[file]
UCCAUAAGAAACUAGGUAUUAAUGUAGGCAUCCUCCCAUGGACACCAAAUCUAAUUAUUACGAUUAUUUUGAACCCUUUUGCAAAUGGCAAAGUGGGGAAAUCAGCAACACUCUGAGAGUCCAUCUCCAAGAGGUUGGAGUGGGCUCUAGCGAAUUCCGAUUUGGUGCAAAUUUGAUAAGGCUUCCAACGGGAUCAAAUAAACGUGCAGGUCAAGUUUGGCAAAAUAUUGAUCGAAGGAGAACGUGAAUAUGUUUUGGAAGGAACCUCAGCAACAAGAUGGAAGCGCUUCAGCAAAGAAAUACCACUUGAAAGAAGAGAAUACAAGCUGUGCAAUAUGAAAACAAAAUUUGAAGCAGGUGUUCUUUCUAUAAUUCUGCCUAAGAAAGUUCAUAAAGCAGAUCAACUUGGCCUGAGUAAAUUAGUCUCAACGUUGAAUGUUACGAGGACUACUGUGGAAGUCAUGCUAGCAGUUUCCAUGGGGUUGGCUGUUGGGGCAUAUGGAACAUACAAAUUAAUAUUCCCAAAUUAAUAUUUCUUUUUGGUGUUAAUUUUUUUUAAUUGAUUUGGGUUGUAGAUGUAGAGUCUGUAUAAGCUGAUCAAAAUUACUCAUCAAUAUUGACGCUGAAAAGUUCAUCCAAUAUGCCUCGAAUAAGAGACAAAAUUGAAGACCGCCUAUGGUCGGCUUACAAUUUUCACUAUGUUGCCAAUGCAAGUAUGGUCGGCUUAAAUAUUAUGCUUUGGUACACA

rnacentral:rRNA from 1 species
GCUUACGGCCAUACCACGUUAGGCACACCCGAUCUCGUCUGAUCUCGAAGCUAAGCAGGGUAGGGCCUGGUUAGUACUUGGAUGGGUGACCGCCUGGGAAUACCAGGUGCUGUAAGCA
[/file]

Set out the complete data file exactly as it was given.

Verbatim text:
UCCAUAAGAAACUAGGUAUUAAUGUAGGCAUCCUCCCAUGGACACCAAAUCUAAUUAUUACGAUUAUUUUGAACCCUUUUGCAAAUGGCAAAGUGGGGAAAUCAGCAACACUCUGAGAGUCCAUCUCCAAGAGGUUGGAGUGGGCUCUAGCGAAUUCCGAUUUGGUGCAAAUUUGAUAAGGCUUCCAACGGGAUCAAAUAAACGUGCAGGUCAAGUUUGGCAAAAUAUUGAUCGAAGGAGAACGUGAAUAUGUUUUGGAAGGAACCUCAGCAACAAGAUGGAAGCGCUUCAGCAAAGAAAUACCACUUGAAAGAAGAGAAUACAAGCUGUGCAAUAUGAAAACAAAAUUUGAAGCAGGUGUUCUUUCUAUAAUUCUGCCUAAGAAAGUUCAUAAAGCAGAUCAACUUGGCCUGAGUAAAUUAGUCUCAACGUUGAAUGUUACGAGGACUACUGUGGAAGUCAUGCUAGCAGUUUCCAUGGGGUUGGCUGUUGGGGCAUAUGGAACAUACAAAUUAAUAUUCCCAAAUUAAUAUUUCUUUUUGGUGUUAAUUUUUUUUAAUUGAUUUGGGUUGUAGAUGUAGAGUCUGUAUAAGCUGAUCAAAAUUACUCAUCAAUAUUGACGCUGAAAAGUUCAUCCAAUAUGCCUCGAAUAAGAGACAAAAUUGAAGACCGCCUAUGGUCGGCUUACAAUUUUCACUAUGUUGCCAAUGCAAGUAUGGUCGGCUUAAAUAUUAUGCUUUGGUACACA

rnacentral:rRNA from 1 species
GCUUACGGCCAUACCACGUUAGGCACACCCGAUCUCGUCUGAUCUCGAAGCUAAGCAGGGUAGGGCCUGGUUAGUACUUGGAUGGGUGACCGCCUGGGAAUACCAGGUGCUGUAAGCA